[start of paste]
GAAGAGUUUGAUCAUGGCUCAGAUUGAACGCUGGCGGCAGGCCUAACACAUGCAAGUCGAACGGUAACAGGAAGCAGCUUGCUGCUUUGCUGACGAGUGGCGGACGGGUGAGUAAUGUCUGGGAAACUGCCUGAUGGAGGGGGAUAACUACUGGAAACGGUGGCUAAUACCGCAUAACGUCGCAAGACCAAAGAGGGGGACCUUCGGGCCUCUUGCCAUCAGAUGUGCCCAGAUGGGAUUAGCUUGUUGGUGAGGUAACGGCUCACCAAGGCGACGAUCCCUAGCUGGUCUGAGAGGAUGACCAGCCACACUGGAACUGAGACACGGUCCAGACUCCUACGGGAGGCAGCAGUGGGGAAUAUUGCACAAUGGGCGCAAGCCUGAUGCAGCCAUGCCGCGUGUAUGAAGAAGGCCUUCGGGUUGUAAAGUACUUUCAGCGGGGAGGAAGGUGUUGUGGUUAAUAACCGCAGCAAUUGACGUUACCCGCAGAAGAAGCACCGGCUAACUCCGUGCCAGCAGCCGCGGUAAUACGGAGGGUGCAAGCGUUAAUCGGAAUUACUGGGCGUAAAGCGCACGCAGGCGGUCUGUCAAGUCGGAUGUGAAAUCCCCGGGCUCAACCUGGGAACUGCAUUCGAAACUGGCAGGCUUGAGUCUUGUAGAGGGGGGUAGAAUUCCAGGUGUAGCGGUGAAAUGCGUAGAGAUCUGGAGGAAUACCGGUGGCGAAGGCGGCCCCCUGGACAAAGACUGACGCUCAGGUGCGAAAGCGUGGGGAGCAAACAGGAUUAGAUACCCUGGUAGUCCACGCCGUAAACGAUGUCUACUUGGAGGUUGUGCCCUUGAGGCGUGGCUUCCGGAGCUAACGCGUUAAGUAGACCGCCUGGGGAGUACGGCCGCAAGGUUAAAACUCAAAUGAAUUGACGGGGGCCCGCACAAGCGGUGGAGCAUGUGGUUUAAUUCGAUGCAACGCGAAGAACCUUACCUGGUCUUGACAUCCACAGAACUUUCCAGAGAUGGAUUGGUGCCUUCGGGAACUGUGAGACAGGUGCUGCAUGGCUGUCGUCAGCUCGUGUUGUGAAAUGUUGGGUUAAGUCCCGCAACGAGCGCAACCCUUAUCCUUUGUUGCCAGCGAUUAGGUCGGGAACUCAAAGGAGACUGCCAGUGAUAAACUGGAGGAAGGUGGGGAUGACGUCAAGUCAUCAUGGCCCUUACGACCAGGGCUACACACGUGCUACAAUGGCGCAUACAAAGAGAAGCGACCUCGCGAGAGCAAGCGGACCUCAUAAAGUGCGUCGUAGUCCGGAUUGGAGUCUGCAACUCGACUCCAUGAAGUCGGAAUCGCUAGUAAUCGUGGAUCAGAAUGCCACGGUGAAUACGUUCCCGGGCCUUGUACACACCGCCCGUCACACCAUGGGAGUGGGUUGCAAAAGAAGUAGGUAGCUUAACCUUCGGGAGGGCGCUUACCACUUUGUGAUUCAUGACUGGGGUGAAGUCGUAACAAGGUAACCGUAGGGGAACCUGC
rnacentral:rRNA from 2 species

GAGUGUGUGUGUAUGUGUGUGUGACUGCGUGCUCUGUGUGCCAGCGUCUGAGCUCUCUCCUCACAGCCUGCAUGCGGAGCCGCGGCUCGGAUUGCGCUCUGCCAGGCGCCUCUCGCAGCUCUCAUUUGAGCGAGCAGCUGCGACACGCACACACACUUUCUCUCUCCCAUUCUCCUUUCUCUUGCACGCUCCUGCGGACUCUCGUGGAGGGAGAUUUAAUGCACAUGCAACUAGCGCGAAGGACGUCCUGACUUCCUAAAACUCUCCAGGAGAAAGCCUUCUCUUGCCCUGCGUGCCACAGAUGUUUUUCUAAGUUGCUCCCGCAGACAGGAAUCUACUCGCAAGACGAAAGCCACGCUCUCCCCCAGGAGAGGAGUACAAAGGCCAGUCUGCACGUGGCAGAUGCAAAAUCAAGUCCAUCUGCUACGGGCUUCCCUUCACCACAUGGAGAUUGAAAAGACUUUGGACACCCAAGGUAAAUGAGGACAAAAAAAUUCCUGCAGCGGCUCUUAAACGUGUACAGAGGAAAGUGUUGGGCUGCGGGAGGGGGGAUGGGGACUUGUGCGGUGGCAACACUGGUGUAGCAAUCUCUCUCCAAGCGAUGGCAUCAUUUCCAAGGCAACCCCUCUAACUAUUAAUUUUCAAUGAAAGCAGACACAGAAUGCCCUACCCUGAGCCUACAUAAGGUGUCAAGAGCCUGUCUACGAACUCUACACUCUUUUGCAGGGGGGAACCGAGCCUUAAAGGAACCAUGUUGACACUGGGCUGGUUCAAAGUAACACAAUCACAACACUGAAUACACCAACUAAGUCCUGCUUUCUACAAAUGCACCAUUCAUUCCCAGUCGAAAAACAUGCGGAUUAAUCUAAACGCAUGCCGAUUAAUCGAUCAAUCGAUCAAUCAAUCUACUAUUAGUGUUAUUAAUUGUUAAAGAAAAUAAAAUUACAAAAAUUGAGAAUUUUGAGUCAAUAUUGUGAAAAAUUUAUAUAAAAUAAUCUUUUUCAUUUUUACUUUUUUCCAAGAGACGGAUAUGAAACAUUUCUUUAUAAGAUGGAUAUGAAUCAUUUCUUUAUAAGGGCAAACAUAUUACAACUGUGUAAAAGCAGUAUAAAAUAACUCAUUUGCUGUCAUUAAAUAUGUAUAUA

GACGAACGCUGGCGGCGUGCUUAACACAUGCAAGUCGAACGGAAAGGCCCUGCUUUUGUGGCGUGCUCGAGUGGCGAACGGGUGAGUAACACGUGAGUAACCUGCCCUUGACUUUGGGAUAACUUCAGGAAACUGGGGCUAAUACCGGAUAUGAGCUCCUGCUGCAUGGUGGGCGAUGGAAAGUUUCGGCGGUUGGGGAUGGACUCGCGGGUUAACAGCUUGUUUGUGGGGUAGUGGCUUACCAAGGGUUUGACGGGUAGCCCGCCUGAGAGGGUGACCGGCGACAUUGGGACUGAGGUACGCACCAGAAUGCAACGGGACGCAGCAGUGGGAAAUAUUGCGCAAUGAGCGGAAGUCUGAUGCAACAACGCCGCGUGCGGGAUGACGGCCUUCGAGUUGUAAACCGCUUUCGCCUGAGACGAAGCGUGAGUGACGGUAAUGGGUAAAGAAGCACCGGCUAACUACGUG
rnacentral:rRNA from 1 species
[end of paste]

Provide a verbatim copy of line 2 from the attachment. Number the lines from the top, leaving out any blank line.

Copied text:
rnacentral:rRNA from 2 species